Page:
Europe, Bulgaria Rise against ACTA
International protests against the Anti-Counterfeiting Trade Agreement, ACTA, are expected in at least 150 cities across Europe Saturday.
In Bulgaria protests, organized through the social network Facebook, will take place in 15 cities, starting at 11 am.
Marches will be held in Bulgaria's largest cities of Varna, Plovdiv, Burgas, Gabrovo, Ruse, Haskovo, and Yambol, among others.
In the capital Sofia, the rally begins in front of the National Palace of Culture and will end on the square in front of the building of the Parliament, where a meeting will be held.
Germany has halted signing the controversial anti-piracy accord, after the justice ministry voiced concerns. Latvia also put off ratification on Friday. Poland, the Czech Republic and Slovakia have already delayed the process.
On January 26, the Bulgarian government signed in Tokyo the international ACTA agreement, vowing to make downloading content similar to forgery of brands.
The agreement was sealed by Bulgarian ambassador to Japan Lyubomir Todorov, based on a decision by the Bulgarian cabinet taken hastily on January 11.
22 out of the 27 EU member states have signed ACTA, along with countries such as the USA, Japan, Canada, Australia, South Korea and Switzerland.
Among EU Member States, Germany, Cyprus, Estonia, Slovakia and the Netherlands have postponed their signing.
ACTA, abbreviation for Anti-Counterfeiting Trade Agreement, mandates that signatory countries implement legislation to criminalize certain types of downloading content such as music and movies, from sites not sanctioned by rights owners, such as torrent trackers.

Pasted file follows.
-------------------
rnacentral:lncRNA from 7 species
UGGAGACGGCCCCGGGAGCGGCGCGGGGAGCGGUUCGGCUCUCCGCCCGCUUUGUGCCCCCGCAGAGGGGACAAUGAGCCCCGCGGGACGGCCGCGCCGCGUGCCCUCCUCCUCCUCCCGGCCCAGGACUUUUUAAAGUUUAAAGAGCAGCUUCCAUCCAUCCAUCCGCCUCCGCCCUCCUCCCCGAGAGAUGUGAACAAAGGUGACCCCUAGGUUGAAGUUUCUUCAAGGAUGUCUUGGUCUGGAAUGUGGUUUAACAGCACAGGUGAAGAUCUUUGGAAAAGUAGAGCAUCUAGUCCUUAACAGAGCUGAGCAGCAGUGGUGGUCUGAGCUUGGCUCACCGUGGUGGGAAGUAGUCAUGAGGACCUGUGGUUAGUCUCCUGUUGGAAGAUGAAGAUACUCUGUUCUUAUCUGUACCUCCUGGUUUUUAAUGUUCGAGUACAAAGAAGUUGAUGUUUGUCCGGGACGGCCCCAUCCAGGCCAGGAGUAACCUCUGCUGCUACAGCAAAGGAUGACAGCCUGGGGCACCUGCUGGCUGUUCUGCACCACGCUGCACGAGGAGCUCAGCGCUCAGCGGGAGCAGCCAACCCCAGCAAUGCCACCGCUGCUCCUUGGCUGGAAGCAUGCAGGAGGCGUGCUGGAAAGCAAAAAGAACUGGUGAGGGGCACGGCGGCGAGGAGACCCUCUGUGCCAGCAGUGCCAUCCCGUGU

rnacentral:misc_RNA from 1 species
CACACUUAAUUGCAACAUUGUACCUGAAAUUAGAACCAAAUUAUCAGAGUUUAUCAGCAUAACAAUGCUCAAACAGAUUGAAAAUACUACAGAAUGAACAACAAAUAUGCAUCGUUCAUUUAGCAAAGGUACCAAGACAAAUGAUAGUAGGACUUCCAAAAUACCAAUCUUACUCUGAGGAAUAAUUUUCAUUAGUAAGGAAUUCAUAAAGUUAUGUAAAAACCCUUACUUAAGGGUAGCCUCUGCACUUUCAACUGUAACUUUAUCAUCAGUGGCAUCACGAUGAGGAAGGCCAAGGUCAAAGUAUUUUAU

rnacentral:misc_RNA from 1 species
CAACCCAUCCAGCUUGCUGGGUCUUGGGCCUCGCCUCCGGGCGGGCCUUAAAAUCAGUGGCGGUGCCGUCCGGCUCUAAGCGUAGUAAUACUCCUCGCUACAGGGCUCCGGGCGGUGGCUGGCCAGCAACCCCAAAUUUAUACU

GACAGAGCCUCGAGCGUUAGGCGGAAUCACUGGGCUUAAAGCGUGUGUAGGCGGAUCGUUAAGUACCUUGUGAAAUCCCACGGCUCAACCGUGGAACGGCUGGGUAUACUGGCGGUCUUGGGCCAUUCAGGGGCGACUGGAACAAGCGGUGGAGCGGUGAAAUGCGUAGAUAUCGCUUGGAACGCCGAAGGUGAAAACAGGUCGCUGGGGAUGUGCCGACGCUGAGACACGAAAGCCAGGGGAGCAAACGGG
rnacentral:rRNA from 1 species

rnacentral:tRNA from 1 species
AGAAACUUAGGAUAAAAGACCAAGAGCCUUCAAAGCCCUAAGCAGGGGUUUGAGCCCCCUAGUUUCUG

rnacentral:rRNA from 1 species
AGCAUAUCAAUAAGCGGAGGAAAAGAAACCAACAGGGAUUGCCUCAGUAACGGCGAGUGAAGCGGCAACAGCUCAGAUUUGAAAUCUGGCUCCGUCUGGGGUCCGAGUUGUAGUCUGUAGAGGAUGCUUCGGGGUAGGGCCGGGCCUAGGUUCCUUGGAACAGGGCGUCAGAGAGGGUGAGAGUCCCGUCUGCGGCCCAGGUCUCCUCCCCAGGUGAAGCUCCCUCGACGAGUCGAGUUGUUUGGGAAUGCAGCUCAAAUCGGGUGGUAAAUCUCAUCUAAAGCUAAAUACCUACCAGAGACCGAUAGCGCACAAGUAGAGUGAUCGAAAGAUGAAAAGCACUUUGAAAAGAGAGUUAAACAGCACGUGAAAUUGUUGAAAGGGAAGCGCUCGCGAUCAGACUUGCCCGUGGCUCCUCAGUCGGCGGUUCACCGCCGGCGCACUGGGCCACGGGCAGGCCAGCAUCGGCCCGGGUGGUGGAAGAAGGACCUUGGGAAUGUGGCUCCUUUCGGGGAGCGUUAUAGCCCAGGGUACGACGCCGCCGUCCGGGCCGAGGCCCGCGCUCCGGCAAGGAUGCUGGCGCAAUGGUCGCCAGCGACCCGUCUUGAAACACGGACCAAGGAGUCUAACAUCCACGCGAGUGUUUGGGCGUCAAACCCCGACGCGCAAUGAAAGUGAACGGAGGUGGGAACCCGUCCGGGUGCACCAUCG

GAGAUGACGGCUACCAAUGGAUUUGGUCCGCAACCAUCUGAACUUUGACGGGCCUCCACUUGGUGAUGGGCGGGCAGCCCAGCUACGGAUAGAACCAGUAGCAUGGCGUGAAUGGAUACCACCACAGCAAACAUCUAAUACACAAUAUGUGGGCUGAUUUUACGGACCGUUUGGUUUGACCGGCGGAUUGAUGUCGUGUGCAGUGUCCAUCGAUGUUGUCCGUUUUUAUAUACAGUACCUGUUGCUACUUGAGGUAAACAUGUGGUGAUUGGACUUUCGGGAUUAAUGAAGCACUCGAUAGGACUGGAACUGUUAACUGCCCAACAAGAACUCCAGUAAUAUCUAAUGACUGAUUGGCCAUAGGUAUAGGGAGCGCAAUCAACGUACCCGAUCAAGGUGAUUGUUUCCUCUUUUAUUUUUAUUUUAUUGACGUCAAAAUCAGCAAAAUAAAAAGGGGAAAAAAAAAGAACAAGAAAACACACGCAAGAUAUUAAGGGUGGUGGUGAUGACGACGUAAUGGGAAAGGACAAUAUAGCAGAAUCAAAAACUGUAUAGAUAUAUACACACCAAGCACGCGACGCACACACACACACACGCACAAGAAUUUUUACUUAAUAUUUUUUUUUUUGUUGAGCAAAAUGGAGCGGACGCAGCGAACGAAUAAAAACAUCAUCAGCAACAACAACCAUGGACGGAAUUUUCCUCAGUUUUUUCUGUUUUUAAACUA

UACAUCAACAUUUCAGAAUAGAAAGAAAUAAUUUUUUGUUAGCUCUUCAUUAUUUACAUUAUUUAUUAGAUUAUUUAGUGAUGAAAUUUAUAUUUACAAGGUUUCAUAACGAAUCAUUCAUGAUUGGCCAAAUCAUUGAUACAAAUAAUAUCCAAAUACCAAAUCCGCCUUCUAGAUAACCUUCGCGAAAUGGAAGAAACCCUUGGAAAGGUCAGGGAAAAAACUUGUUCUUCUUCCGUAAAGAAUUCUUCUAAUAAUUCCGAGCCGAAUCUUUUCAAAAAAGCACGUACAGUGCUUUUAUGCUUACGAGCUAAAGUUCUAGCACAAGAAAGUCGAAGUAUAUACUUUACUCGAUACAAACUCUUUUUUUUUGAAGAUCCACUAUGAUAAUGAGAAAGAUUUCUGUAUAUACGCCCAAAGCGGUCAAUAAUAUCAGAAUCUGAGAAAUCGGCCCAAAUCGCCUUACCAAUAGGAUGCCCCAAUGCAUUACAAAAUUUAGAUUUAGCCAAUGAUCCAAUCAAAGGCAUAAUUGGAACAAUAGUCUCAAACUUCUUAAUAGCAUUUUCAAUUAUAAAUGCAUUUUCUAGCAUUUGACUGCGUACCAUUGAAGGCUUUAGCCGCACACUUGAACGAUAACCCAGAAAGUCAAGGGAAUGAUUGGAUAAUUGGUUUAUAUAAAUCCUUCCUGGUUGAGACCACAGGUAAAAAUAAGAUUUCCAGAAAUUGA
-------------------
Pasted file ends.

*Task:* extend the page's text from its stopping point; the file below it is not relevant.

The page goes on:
According to the agreement, such actions will be classified as similar to counterfeiting, and will carry heavier sanctions, including confiscation.
The treaty also will require Internet providers to provide information about the traffic of their users.
In order to become effective in Bulgaria, ACTA must first be ratified by the European Parliament and then by the Bulgarian Parliament, which is expected to happen no earlier than June.
Transcripts from the meeting of the Council of Ministers from January 11 reveal that it had been Economy and Energy Minister, Traicho Traikov, who had made the proposal.
Ever since the signing, ACTA stirred much discontent in Bulgaria, both because it had not been discussed by the cabinet and because the public had been kept entirely in the dark about the decision to sign it, until prominent Bulgarian bloggers and lawyers stirred large-scale noise about it. They lashed out at the signing of ACTA over their belief the agreement will bind countries to install legal regulations that excessively and unduly broadly penalize Internet users.
At the beginning of February, two Bulgarian NGOs – of Internet users and Internet service providers reached a handshake deal with the government in which Prime Minister Boyko Borisov promises that Bulgaria will ratify the ACTA with reservations.
Supporters of the treaty argue that the measures are necessary to clamp down on growing levels of piracy.
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